“The national economy of Finland rapidly needs a critical shift that will take us towards a more efficient and smarter economy,” says Mari Pantsar, Director of the Carbon-neutral circular economy at Sitra. “That will allow us to ensure the future funding of the well-being of our society. The circular economy should be visible as a central theme in the next Government Programme.”
“The transition to a post-oil era will not be easy, but the current linear economic model has failed from the perspectives of both society and the environment,” adds Kari Herlevi, project director of the Circular Economy focus area. “Our well-being must not be dependent on overconsumption of natural resources.”
Finland prepared a national road map to a circular economy under the leadership of Sitra in 2016, the first country in the world to do so. Just like the first road map, the updated version also includes descriptions of the measures of essential importance for the circular economy to which Finnish stakeholders have already committed themselves. There are measures under way in central government, towns and cities, the business world and the everyday lives of Finnish people. The road map lists almost 30 new vital actions adopted by organisations in Finland in addition to a number of suggestions aimed at central government that have yet to be embraced.
A fully functional circular economy can be achieved if the following four strategic goals presented in the road map, all of which cover all sectors of society, materialise.
- Reform of the foundations of our competitiveness and vitality in such a way that circular economy solutions are the focus of competitiveness and an economic growth strategy.
- Finland will make a shift to low-carbon energy and set more ambitious goals in its climate and energy policy.
- Natural resources will be seen as a scarcity, because, to reach the climate targets of the Paris Agreement, consumption and production in Finland can no longer be based on the limitless use of natural resources. The report published by Sitra and the European Climate Foundation in June 2018 showed that, in order to meet the Paris Agreement targets, we need not only low-carbon energy but also a circular economy for key materials.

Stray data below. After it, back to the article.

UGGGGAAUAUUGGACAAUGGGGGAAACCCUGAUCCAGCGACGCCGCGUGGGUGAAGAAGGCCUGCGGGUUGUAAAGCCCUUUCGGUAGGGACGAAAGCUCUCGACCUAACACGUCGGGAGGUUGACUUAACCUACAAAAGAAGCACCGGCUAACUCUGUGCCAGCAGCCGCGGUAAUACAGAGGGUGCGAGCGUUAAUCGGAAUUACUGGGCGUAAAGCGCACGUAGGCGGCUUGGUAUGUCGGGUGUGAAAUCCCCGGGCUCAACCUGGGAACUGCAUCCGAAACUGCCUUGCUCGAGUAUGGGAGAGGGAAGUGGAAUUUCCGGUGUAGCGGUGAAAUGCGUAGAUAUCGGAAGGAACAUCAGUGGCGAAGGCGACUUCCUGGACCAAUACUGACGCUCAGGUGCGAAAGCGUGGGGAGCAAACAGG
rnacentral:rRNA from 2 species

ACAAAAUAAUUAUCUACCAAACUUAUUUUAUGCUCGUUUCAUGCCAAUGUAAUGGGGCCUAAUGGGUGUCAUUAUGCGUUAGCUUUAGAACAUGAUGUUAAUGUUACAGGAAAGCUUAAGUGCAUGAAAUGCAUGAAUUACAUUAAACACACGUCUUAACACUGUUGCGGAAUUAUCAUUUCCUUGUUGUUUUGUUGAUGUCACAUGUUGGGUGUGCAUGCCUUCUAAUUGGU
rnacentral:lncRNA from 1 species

- Everyday decisions will become the driving force for change. Cutting our carbon footprint in half from the level of 2010 by 2030 requires that we adopt a new kind of approach to ownership, in terms of culture, taxation and income distribution.
In the same way as in the earlier road map, the foundations of the updated version were drawn up in collaboration with several stakeholders, representing different sectors of society. In addition, the draft road map was opened up for comments via the Otakantaa.fi service in autumn 2018. The Circular Economy Steering Group, chaired by Minister Kimmo Tiilikainen and Kirsi Sormunen, a corporate board work expert, also participated in drafting the goals.
The circular economy is an economic model not based on the continuous production of more and more goods but on the use of services – sharing, renting and recycling – instead of owning things. Materials are not lost at the end of their useful life but are used to make new products over and over again.
Sitra’s Circular Economy focus area has been encouraging Finland to move towards a more sustainable economy since spring 2015. Since then, the Finnish Government has set up its own Finnish Action Plan for a Circular Economy and, during Finland’s 100th anniversary year, Sitra established a leading international event within the sector, the annual World Circular Economy Forum.
Sitra received recognition for its national and international work at the beginning of 2018, when it was honoured as the world’s leading accelerator of the circular economy in the public-sector category of The Circulars Awards competition at the World Economic Forum in Davos. The work carried out by Finland and Sitra to promote the international circular economy enjoys strong support: according to a recent survey commissioned by Sitra, 83 per cent of Finns fully or partly agree that Finland should take action to promote the circular economy even if other countries are not doing so.
Sitra has been enhancing the practical adoption of a circular approach by providing funding for dozens of projects. For example, the Finnish education system is in the process of introducing circular economy perspectives to teaching, and the Kemi-Tornio’s circular economy industrial park is disseminating its circular model for heavy industry to other parts of the country. Sitra has also been involved in the testing of new regional mobility services, and the generation of regional, sustainable food systems in Finland.